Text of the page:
Jason Guard, AKA “RVAfoodie”, offers up his take on where you absolutely, positively MUST go during Restaurant Week. Take a look at which restaurants he chose, why he chose them, and what you should order once you get there.
You can’t go wrong wherever you dine during Restaurant Week because every prix fixe place setting supports the Central Virginia Food Bank with a $2.10 donation. However, you can do me a huge favor. We’ve just had our second child, so for the first time in years, we’ll be sitting this one out. That didn’t stop me from sizing up the options and picking my favorites going into Richmond’s biggest dining week. I’ll rest better knowing that someone has made use of my eating instincts. So, please take note. The places I’ve listed here aren’t just safe bets — they’re standouts by my standards. Eat at one or several of these places (and anywhere you feel I’ve left out) and let us know how it goes.
Chef Denny can cook. In a town with fewer exciting restaurants, his food would probably be at the top of the heap. But, with Lemaire, Acacia, and Sensi on the scene, the relaxed artistry of Six-Burner sometimes gets lost in the shuffle. Their six starters and five main course options announces Six-Burner as a Restaurant Week over-achiever. Crabcakes, rockfish, gulf shrimp, and 56 hour braised short ribs? I predict Denny tries to earn some new customer loyalty with extra-impressive plates. And bacon wrapped fried house-made pickles? C’mon. That’s not even fair.
Downtown deserves a place as pretty as 27. Its luminescence stands like a beacon on Broad Street, in direct contrast to the surrounding blocks. But Chef Carlos keeps it real by accenting every other menu item with mentions of his mother or his native Brazil. Last time I went, their salmon was impossibly moist, locked in by a pan-seared and broiled process I doubt I could duplicate. Luckily, there’s salmon on the menu for Restaurant Week. Also, the quail is stuffed with mushroom and foie gras mousse, which will probably excite some palates out there. Personally, I think the hearty sounding Spanikopita over autumn root vegetable stew sounds like a great way to welcome the new season. Whatever your choice, the cheerful environment is sure to please, especially with all the house wines by the glass to choose from.
Secco Wine Bar
Aside from bringing Richmond some of its most creative cuisine, Secco is known as a snacking scene more than a full meal restaurant. If they’re sticking with that format, this may be one of the few opportunities to experience a whole meal at Secco, especially for $25. For anyone motivated by a bargain, Secco’s offering of four plates instead of three will be enticing. Cavalo nero? Ossau-Iraty? Vin cotto? Adventurous eaters who like to learn something from every meal will delight in the education received from ordering dishes of unfamiliar ingredients (here’s a little glossary for the finicky). You’ll be rewarded at the end of the journey if your final plate is the Catalan bread pudding. I’ve had it, and it’s full of high notes and lightness instead of dense and syrupy, like we’re used to in the South. But, Secco doesn’t take reservations. If a line out the door ain’t your thing (though it may be worth it) then see plan B below.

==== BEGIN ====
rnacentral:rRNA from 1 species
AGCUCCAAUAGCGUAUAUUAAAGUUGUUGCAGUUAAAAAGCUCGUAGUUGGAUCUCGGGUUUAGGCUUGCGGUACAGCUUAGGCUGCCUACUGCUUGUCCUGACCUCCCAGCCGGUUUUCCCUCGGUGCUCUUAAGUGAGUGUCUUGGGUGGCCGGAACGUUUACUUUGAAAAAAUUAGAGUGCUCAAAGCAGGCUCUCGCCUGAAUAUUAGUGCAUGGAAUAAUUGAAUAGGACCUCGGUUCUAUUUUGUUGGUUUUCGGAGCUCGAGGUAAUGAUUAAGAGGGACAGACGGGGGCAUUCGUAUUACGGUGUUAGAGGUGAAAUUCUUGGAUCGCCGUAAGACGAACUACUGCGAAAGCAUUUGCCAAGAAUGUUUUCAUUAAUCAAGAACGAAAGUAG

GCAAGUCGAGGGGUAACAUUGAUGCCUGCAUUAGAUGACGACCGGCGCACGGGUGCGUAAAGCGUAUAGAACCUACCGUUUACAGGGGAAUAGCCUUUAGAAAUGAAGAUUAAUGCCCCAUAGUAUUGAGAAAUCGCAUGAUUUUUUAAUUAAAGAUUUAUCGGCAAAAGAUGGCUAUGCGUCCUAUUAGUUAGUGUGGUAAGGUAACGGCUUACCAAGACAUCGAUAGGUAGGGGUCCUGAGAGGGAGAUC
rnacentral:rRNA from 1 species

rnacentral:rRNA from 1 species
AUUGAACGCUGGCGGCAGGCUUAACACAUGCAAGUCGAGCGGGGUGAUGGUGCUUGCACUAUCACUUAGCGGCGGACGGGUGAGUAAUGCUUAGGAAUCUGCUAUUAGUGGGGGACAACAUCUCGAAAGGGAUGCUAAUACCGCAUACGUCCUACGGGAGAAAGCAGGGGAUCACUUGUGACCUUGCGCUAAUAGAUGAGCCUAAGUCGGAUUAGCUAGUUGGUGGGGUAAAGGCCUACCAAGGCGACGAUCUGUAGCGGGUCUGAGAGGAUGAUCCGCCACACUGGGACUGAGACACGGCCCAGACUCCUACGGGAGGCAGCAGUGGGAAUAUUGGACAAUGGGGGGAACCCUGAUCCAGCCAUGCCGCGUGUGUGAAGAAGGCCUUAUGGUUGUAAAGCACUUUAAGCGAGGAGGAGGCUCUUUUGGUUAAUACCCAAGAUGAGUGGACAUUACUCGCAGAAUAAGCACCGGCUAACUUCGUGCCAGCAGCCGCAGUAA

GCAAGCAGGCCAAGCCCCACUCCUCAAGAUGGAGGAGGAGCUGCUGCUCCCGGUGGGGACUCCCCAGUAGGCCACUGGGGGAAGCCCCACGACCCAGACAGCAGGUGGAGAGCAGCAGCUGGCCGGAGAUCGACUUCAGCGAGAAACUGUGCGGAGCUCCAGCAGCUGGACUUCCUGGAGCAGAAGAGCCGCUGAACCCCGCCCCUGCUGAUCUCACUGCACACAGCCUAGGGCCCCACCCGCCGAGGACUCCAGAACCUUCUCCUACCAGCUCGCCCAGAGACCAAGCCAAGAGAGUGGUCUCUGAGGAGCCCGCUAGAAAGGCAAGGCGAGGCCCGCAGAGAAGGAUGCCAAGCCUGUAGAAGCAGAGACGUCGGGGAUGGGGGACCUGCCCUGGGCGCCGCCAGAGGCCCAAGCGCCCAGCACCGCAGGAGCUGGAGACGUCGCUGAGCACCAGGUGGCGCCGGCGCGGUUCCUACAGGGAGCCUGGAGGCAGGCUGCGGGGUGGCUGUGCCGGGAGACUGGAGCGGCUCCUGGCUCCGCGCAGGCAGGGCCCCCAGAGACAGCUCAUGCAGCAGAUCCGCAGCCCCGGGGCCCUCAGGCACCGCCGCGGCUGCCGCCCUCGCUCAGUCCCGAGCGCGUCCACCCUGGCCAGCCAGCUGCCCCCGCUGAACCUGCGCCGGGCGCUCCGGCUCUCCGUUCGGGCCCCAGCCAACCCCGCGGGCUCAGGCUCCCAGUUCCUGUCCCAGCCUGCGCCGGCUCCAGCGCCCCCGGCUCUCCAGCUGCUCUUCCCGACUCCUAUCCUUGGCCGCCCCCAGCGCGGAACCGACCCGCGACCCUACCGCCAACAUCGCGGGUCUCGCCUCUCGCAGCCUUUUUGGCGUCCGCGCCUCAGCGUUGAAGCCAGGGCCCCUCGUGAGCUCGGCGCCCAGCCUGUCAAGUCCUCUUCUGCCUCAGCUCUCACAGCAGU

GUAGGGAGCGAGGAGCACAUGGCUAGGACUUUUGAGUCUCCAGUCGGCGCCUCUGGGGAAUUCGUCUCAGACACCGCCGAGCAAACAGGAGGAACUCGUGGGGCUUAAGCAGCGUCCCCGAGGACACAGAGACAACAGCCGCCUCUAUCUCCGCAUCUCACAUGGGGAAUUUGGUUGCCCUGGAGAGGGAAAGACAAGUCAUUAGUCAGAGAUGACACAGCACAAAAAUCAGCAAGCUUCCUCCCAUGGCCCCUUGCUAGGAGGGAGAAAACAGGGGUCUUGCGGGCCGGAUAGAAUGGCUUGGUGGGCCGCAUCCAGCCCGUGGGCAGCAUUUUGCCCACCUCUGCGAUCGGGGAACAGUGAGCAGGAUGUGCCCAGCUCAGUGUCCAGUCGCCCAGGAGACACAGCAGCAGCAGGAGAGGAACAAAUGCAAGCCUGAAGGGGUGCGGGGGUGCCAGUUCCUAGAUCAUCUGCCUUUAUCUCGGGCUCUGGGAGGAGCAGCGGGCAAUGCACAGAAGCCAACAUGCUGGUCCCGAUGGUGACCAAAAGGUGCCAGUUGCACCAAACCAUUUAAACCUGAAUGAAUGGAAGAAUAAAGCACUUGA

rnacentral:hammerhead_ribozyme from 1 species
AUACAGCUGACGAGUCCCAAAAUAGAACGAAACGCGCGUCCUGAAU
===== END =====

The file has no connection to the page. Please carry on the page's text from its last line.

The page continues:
Last year, I RW’d at Helen’s and had a great meal. I also made a discovery. Watching the enigmatic Chef Big John lumbering back and forth in the open kitchen, while churning out the prettiest of plates, just makes you glad to call Richmond home. Helen’s clientele can be chic or it can be freak, or a little bit of both, depending on the hour. But the food is as good as you could want from any of the finer Fan restaurants. Considering that you can start with pork belly or an tizer of soup and grilled cheese, this meal aims to please. From there, fried chicken, short ribs, chanterelle mushroom risotto, or mac’n’cheese with lump crab meat. Someone at Helen’s is clearly craving comfort food. Loosen your belt buckle and have a pre-dinner beer at the Taphouse. All pretension can go out the window for this night on the town.
There have been some changes at LuLu’s, and this menu just begs you to sit up and take notice. The pounded flat Tataki tuna sounds good, but the chopped liver starter is probably going to be hard to resist for liver lovers. Either way, starting light or heavy, you can launch into a fish stew, a grilled NY strip, or crispy pork belly. The vegetarian potato leek tartlet sounds amazing with its “smoked tomato fondue & spinach cream.” And what about that banana toffee with burnt cream? I’m looking for a baby-sitter just reading those words.
Honorable mention: Amour Wine Bistro
You know you want to try this place. The prix fixe meal at Amour usually runs $39, but only $25.10 during Restaurant Week and they’re offering fish in papillote. Who doesn’t like the theater of a parchment package releasing steam before your eyes and revealing perfectly moist and tender fish? I’ll bet the assorted sorbets to follow would go nicely as well. Lastly, it’s not listed on their menu, but they also serve a charming French accent.
Plan B: Bonvenu
From Secco, or Amour, or wherever you can’t get into… just walk down the block to Bonvenu, the new spot in the old Track didn’t qualify for the Restaurant Week lineup, since they haven’t yet been open a year. They’ve put together their own prix fixe and I’m betting they’ll be eager to please, portion and flavor-wise, so they’ll build a buzz that lasts all week and carries over to next year’s Restaurant Week. And yes, owner Charmagne Doyle says they’ll be giving the same amount per plate to the Food Bank, just like the rest.
Cavalo nero: black leaf kale
Ossau Iraty: a French sheep’s milk cheese
Vin cotto: reduced red wine
Tortilla Espanola: A Spanish omelet